The Colorado high country is abloom!
One of the true joys of summer in the Colorado high country is watching meadows, forests and boulder fields come alive with wildflowers. It seems as though the plants are all racing each other to bloom, knowing that they only have a few short weeks to pollinate and produce seeds. When the wildflower season peaks from mid-July to early August, nearly every nook and cranny is filled with color. It's hard to miss the show, but we've compiled a short list of some of our favorite spots. One of our Copper Mountain vacation condos could be a great base camp for checking out Colorado's finest wildflowers!
- For early season blooms, look for lower-elevation spots on sunny slopes that face south. The Ptarmigan Trail, out of Silverthorne, and the Tenderfoot/Oro Grande area, above Dillon Reservoir, are always good for an early display of Pasque flowers, sweet-scented phlox and showy lupines.
- This year, a wet spring all but ensured a bumper crop of blooms, but during dry seasons, the best place to hunt down wildflowers is in areas that stay moist regardless of precipitation. That means deep in shady forests along streams, like the Meadow Creek Trail near Frisco, where you can spot tiny white violets and scarlet western columbines, or around the fringes of the Wheeler Lakes, where moist soils ensure a colorful carpet of gilia and larkspur.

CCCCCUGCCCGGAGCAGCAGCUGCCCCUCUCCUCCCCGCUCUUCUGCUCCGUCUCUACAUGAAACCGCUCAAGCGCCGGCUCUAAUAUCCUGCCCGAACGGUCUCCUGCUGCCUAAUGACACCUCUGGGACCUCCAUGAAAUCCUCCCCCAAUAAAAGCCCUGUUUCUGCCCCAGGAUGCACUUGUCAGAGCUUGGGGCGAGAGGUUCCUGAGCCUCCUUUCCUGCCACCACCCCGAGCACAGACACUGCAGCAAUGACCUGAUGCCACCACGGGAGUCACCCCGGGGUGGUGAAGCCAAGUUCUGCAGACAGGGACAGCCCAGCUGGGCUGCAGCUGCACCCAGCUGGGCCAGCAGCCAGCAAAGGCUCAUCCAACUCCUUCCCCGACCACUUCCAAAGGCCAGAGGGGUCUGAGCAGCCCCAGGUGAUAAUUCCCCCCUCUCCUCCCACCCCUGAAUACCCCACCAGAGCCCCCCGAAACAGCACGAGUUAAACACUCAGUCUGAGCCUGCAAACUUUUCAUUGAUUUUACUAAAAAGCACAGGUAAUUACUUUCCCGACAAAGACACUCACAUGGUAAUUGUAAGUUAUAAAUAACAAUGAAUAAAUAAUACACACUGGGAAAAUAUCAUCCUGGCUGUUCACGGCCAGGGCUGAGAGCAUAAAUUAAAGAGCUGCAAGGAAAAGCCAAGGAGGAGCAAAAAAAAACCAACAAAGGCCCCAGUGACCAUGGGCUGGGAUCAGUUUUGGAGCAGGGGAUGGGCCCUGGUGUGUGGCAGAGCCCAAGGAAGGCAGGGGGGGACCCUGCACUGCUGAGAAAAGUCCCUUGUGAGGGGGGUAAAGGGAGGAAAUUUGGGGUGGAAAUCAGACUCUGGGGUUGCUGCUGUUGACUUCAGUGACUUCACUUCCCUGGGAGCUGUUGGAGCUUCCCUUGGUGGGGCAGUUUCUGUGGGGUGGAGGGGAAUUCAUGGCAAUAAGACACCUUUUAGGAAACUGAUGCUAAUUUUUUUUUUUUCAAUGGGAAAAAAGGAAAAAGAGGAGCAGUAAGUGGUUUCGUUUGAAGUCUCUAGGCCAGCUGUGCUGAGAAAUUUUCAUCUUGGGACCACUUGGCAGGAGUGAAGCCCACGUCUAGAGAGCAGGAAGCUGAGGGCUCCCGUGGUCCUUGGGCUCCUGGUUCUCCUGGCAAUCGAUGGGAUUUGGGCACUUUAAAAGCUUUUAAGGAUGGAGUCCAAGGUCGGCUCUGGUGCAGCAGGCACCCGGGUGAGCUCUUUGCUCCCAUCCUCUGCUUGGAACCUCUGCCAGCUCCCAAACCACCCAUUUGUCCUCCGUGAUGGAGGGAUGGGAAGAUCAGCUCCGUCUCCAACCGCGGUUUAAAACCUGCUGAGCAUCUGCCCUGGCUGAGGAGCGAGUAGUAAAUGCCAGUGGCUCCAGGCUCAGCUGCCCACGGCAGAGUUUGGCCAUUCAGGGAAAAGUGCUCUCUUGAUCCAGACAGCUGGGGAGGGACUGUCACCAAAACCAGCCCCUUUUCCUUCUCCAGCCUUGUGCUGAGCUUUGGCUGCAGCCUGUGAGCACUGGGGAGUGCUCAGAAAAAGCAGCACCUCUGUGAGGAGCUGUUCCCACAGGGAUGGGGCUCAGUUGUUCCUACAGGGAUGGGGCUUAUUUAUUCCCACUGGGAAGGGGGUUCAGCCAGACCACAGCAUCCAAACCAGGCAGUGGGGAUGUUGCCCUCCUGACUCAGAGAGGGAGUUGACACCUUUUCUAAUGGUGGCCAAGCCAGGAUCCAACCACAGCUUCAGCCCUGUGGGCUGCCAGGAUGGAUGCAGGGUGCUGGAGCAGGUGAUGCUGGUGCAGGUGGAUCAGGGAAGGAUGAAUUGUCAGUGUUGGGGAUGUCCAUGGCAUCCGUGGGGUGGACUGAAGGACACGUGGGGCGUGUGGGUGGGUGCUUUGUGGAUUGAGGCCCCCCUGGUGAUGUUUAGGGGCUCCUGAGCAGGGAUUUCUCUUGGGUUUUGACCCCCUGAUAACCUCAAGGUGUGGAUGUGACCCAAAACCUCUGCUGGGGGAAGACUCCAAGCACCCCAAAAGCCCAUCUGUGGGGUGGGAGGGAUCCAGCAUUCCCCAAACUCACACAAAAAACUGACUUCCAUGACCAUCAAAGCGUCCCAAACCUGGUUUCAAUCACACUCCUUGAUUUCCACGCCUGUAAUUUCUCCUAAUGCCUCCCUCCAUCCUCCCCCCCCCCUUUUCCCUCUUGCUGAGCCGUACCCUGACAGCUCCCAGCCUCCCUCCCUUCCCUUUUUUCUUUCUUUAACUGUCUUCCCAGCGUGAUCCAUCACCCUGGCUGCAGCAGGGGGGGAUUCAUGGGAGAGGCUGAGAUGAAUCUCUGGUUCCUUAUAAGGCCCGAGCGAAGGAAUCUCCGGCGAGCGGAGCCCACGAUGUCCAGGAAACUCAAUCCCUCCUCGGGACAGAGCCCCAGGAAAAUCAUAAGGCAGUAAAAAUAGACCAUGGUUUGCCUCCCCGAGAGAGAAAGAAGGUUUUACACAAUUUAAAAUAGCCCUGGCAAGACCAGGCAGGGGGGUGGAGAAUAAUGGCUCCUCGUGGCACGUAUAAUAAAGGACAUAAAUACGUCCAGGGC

- One of the best ways to get into the alpine wildflower zone is a quick chairlift ride up Copper Mountain. This year, the American Eagle will start summer operations June 14, providing great access to the emerging wildflowers on the now-summery slopes of the ski resort. Be sure to look for the showy blue Colorado columbine, our state flower, and tall, deep-purple monkshood hidden away in shady forests.
- Even higher up, above treeline, the alpine tundra offers a unique glimpse of plants and flowers that you might also find in sub-polar regions like Alaska, or on the slopes of the European Alps. One of the easiest places to access this otherwise remote zone is at Loveland Pass, about a 45-minute drive from Copper. Some of the stars in this zone include miniature forget-me-nots tucked in between moss-lined boulders, as well as fuzzy blue skypilots and bright yellow old-man-of-the mountains.
- If all that wildflower-peeping has made you curious, consider a short trip over Vail Pass to the Betty Ford Alpine Gardens in Vail. The gardens are acknowledged as having one of the world's best collections of mountain plants and wildflowers, including speciments from the Himalaya, Africa and the Andes of South America. Docents offer daily tours of the gardens, and staff botanists are involved in international wildflower conservation efforts.